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This works fine:

.extend(true, {}, { name: "john doe", age: 20, address: {street:"aaa", number:"bbb"} }, { gender: "M", address: {} })

But when address is a class then the second address overrides the first one instead of merging them.

function Address(data) {
    this.data = data;

$.extend(true, {}, { name: "john doe", age: 20, address: new Address({street:"aaa", number:"bbb"}) }, { gender: "M", address: new Address({}) })

Is that a bug or an expected behavior of jQuery? How do I merge two instances of a class?

share|improve this question
I consider any weirdness you get with $.extend due to dealing with things that aren't plain objects as expected. It simply isn't intended for that use-case. –  Kevin B Jan 7 at 18:41
Not to mention... Is it even possible to "merge" two separate instances of a class? I guess if you break it down to just the properties you could, but that cold result in weirdness depending on how the properties are constructed and how it affects other parts of said class. –  Kevin B Jan 7 at 18:43
Sounds like you need to write a merge function for your class, which might be as simple as hitting $.extend inside the class with plain objects. –  Mathletics Jan 7 at 18:45
Note that there aren't any classes here, just constructors and constructed objects. Classes are something that may come in ES6. –  Fabrício Matté Jan 7 at 18:45
@FabrícioMatté: Even in ES6 I think classes eventually boil down to the same prototypical pattern we all learned to love. –  elclanrs Jan 7 at 18:46

2 Answers 2

up vote 2 down vote accepted

To add to the other answer, you could try to convert it to a plain object, although I'm not sure if this is the right approach, but it should work:

function Person(name) {
  this.name = name;

Person.prototype.say = function() {
  return this.name + ' says hello!';

var toPlainObject = function(x) {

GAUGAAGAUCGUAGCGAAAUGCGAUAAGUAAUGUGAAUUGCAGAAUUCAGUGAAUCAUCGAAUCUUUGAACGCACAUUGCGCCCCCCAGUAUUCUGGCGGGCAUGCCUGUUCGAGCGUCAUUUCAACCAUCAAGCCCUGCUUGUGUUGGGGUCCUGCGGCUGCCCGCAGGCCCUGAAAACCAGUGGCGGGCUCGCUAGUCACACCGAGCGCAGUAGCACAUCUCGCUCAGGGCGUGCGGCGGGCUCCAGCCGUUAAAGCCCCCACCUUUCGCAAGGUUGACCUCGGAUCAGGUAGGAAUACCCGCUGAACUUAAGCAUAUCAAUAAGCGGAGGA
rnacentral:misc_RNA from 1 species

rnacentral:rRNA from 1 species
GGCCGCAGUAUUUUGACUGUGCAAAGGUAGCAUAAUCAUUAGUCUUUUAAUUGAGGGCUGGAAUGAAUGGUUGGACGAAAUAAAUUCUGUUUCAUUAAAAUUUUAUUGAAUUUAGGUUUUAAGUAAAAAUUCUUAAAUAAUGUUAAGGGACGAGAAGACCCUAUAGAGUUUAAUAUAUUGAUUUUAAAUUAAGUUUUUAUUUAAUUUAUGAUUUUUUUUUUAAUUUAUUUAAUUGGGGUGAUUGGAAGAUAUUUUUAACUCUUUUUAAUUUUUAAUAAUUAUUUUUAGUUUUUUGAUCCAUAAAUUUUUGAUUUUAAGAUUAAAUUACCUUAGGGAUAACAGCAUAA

var obj = Object.create(null);
  for (var i in x) obj[i] = x[i];
  return obj;

// false
// Person {name: 'John', say: function}
$.isPlainObject(new Person('John'));
// true
// Object {name: 'John', say: function}
$.isPlainObject(toPlainObject(new Person('John')));
share|improve this answer
When I look at that, I'm tempted to add toPlainObject as a method of Person, but then at that point it isn't as reusable. –  Kevin B Jan 7 at 18:56
Works like a charm! –  Eduardo Jan 7 at 20:23

jQuery.extend always copies from right to left. The second overrides the first, and the third overrides the second. Therefore, the property value of address from the third of course overrides the property value of the second. It doesn't merge deeper than that because the property value of address fails the jQuery.isPlainObject() test.

function Address(data) {
    this.data = data;

console.log( jQuery.isPlainObject(new Address()) ); // false

if Address instead returned a plain object, this wouldn't happen.

function Address(data) {
    var obj = {};
    obj.data = data;
    return obj;

console.log( jQuery.isPlainObject(Address()) ); // false
share|improve this answer
$.extend source for reference: github.com/jquery/jquery/blob/… –  Fabrício Matté Jan 7 at 18:58

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